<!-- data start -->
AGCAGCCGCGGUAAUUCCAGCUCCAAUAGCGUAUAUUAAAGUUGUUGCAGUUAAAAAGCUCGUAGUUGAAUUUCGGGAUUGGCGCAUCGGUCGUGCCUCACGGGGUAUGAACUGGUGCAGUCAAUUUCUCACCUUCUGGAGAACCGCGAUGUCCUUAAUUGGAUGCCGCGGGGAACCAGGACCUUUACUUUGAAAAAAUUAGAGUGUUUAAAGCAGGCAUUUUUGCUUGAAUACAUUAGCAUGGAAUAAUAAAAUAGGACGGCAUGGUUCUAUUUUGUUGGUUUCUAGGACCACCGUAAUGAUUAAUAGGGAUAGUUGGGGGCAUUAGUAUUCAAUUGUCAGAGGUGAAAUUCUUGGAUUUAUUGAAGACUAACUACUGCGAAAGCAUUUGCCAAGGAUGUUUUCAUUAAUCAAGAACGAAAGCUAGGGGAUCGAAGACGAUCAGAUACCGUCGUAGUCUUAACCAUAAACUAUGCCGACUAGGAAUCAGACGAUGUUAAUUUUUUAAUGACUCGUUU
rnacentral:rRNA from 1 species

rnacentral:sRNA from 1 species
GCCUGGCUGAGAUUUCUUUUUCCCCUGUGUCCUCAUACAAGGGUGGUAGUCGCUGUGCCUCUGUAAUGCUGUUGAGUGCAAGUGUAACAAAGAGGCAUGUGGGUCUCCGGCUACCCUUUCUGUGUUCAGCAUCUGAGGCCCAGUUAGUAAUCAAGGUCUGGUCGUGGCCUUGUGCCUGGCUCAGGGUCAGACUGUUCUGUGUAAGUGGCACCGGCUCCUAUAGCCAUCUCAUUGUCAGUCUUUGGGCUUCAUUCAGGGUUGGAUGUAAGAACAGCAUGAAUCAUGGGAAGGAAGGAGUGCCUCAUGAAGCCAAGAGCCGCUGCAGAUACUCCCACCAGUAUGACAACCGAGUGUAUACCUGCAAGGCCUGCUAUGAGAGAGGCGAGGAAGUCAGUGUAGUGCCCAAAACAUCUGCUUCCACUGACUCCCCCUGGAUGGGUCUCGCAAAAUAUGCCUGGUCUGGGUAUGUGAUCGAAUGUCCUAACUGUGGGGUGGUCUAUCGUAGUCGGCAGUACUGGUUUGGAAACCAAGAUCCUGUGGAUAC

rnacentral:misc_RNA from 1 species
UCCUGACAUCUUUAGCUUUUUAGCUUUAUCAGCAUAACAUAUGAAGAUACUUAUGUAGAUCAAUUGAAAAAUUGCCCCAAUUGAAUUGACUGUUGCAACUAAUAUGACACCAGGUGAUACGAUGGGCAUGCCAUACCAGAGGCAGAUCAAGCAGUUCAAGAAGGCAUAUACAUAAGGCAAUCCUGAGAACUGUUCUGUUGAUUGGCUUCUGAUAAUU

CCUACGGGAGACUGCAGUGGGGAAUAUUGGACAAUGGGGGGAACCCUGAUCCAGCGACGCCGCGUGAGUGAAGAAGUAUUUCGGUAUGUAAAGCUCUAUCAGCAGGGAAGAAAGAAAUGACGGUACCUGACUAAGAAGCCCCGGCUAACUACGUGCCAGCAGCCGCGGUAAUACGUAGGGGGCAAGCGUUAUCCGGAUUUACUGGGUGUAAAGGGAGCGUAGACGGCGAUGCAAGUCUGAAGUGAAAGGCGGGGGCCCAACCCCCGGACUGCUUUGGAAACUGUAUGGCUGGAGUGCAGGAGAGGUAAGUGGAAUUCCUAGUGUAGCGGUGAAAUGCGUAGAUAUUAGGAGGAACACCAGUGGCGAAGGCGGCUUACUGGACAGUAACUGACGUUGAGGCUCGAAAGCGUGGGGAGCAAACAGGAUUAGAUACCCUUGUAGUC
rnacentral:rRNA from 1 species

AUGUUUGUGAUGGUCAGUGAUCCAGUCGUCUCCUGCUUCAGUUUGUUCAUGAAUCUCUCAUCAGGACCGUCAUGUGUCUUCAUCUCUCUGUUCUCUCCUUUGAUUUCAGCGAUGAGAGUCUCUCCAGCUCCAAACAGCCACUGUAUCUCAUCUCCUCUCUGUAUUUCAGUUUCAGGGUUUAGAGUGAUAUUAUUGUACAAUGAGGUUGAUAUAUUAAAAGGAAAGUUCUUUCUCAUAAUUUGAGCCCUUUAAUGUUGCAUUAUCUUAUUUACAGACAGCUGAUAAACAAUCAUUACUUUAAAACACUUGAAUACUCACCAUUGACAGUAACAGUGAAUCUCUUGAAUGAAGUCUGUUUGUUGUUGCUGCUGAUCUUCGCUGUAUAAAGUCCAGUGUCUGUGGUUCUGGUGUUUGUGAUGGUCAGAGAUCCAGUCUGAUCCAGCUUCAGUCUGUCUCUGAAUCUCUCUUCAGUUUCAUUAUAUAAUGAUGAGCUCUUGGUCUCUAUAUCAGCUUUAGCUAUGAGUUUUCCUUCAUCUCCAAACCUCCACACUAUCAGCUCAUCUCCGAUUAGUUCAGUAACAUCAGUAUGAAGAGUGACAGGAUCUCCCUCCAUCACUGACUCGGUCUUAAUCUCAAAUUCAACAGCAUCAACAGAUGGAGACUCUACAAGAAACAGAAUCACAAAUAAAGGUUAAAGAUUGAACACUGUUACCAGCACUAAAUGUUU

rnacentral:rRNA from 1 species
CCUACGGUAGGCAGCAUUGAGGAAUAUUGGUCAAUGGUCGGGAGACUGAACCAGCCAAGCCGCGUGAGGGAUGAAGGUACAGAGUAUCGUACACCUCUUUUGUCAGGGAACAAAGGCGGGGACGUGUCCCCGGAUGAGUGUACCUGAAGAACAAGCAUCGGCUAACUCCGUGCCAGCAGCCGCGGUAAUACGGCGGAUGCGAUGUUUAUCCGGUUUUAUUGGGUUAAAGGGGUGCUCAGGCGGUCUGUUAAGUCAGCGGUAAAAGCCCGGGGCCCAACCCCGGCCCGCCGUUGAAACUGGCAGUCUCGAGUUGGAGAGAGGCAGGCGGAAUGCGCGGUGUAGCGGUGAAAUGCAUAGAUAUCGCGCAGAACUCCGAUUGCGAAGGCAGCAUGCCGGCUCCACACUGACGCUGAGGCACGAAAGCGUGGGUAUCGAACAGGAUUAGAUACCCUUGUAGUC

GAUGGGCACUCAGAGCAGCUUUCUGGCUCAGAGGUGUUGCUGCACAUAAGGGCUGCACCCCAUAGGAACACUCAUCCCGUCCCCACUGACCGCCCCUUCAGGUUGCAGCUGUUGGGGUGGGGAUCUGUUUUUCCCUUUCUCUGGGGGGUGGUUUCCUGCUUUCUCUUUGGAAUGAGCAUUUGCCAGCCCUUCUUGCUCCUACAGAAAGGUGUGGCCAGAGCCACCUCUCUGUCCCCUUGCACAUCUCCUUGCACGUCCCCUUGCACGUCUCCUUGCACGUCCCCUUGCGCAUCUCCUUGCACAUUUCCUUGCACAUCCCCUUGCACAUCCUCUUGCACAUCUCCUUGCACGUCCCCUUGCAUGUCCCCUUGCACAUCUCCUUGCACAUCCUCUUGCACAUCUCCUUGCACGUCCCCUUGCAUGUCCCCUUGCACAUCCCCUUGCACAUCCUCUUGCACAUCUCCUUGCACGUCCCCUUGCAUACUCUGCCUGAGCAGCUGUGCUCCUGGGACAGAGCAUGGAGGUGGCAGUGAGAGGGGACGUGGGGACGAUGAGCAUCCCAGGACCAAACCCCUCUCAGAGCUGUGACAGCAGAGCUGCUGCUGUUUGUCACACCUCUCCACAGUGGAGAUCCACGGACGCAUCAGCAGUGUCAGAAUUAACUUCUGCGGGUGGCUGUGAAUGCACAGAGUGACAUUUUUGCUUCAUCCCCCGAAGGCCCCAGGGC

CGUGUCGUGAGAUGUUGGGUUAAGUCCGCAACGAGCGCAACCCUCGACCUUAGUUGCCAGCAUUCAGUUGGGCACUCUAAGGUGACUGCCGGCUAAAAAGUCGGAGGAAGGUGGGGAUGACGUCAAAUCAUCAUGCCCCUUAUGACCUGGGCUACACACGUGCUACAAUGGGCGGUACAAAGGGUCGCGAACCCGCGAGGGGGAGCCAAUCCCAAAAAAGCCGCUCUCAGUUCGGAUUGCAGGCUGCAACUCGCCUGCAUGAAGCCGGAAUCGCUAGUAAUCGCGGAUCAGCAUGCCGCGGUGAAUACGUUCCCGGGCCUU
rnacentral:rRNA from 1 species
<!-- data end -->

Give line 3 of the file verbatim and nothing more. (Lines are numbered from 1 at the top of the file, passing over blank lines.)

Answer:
rnacentral:sRNA from 1 species